A horrific fictional encounter with a serial killer. Patrick Bateman, a wealthy Wall Street bachelor, roaming the streets of New York City. Reader beware.
Price: Varies, digital or paperback from 12.99 to 14.95 USD.
Read it if: You want to have terrible nightmares and irreparable emotional trauma about men, women, puppies, and New York City as a whole. The images haunted me for days. Easton really dives into what this particular serial killer wants, some of which were actually highlighted on Psychology Today: “Understanding What Drives Serial Killers” – a great read, if you’re interested.
It’s about: New York during the ’80s and revolves around Patrick Bateman. He’s a wealthy investment banker on Wall Street who frequently does drugs, booze, and women when he’s not killing them. The scary thing is that within his friend’s circle, he’s a saint. He seems to suffer from a personality disorder and is a horrible addition to Ellis’s fictitious society.
Is it funny: Nope! The details feel so real, especially when Bateman kills people, pets, etc. It’s too much gore for my taste.
The cover: He’s totally my type. Seductive, charming, emotionless -kidding. I also watched the movie “American Psycho” starring Christian Bale. Both the film and the book were disturbing. The cover says it all. It’s all about one guy who’s an American, Psycho.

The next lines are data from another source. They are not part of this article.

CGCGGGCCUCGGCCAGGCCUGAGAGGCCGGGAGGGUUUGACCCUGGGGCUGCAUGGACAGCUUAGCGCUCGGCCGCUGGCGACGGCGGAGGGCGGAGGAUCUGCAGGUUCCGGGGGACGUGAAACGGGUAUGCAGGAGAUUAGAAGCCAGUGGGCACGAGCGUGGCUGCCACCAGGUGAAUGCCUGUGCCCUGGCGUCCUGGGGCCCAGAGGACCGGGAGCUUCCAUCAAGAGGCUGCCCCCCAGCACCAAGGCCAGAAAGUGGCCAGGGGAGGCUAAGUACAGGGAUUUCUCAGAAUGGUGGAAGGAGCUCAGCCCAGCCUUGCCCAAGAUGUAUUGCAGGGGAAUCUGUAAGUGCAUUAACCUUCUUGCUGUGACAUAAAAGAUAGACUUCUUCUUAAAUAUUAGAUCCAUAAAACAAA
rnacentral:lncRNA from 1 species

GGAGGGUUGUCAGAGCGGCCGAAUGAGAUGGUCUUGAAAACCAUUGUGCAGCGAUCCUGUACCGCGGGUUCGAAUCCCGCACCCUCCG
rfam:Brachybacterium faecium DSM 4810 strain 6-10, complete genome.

Do I recommend it: I started reading this book in Germany and jet-lagged like no other. Honestly, the only book I had that wasn’t self-help, and I was trying to get out of my norm—big mistake. I would begrudgingly recommend it because of how clear Ellis narrates the story, but I wouldn’t be sad if you didn’t read it. His writing is seamless, and every character is carefully described, even (sadly) the murderous, homophobic, and racist interactions that take place. This was painful to swallow. But I think it’s essential to read controversy, to better understand what it’s capable of. I appreciate writers that take their time to cleverly explain small details that add to a reader’s imagination, be it good or bad, and Ellis does this.